On the two occasions he has been called out it more than likely saved lives. This is not a money maker for them, they are using them to provide protection. Electricity follows the path of least resistance and no one wants a body to be that path.

Weekend rentals should have these.

What to do if you’re in the water, don’t grab a cable, don’t swim to the dock. Swim to the shore. Get out of the water until the electrician has given the all clear.

Something he’s working on is a service to come by once a month and check the electric on docks. Tim’s Ford gets a lot of storm damage and that can jimmy the electric connections. Unfortunately, there is not a regulation requiring electric alarms so the best we can do is encourage everyone to have one installed.

Electricity is not straight forward it is the combination of the grounding as well as the Shock IQ working. For example, every dock needs a quick disconnect on the pier and a ground. If the grounding isn’t proper, shock IQ won’t work properly and that will tell you something is off. Have to have a continuous ground that shares with the house to your pier and dock. There is currently no enforcement of dock installations to ensure they are safe.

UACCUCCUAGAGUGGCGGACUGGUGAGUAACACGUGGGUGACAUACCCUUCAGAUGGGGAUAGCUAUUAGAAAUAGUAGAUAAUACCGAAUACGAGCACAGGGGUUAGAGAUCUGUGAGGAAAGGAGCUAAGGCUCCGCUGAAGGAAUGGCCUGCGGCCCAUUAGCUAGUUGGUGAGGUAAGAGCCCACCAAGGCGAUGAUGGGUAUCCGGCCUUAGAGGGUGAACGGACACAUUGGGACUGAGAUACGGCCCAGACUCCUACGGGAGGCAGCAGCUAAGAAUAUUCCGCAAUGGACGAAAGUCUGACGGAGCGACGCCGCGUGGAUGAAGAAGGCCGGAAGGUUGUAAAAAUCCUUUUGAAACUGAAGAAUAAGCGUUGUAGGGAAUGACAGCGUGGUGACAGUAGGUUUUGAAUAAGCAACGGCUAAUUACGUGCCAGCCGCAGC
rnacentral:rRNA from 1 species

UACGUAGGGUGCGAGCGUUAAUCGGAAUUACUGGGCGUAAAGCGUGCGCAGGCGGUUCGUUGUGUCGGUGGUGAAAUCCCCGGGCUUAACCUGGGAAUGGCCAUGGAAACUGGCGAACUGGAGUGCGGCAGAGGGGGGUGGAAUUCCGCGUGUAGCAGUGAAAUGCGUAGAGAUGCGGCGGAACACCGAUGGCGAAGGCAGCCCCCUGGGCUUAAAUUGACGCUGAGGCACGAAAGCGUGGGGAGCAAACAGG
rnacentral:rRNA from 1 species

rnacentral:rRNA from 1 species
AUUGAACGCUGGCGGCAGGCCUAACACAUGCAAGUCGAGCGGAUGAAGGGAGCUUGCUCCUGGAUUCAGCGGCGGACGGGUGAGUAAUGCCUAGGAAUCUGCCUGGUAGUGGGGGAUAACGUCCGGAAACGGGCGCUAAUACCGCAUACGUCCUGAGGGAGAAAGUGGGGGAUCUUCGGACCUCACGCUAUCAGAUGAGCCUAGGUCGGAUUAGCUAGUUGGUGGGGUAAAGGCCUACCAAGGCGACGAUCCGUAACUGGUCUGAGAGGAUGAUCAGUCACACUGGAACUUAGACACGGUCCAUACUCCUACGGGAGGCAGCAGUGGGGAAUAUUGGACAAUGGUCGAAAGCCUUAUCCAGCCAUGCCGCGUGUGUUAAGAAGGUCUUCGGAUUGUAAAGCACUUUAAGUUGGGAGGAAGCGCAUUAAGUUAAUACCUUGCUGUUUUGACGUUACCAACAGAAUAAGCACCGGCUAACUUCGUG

With Wi-Fi, you can get a service for $7/month to find out in real time where its coming from. Whether Wi-Fi or not, call Andrew and he’ll have someone come out.

Q. When dock goes dry, probes can break off. Andrew can order and reinstall if this happens to your system.

Q. How does it install. There’s a bracket for the post, a plug in for power and the probe. Where your lift is, install directly above the lift. It’s a utility outlet so it doesn’t have to be plugged and unplugged. Andrew explained how the system works. It used to be a self-install but now that option is not available.

There are certain areas on the lake that seem to always have a low voltage from .7 to 1.5. This has been seen over the lake by the dam and the big marinas. Whether its shoreline power or someone with a generator, it’s difficult to tell. While it would be great to have the marinas install systems it is unlikely as if it goes off it kills all power.

Q. What is the warranty. One year on consumer part, he’ll find out specifics and share back to the group.

Q. What does it sound like. It is very loud and sound will go off for 24 hours because it’s a 24-hour battery. You don’t need to cut the power to your dock because the system trips your breaker.

Q. How do you know if it’s on. If you have the app, look at status. If the red light isn’t on and your power has tripped the system is off. If it is chirping when the system is back on, that is the battery charging. We recommend leaving the power to your dock on at all times for maximum protection from the system.

Next General Meeting

Thursday, August 10, 7:00 p.m.

Adjourned at 8:25 pm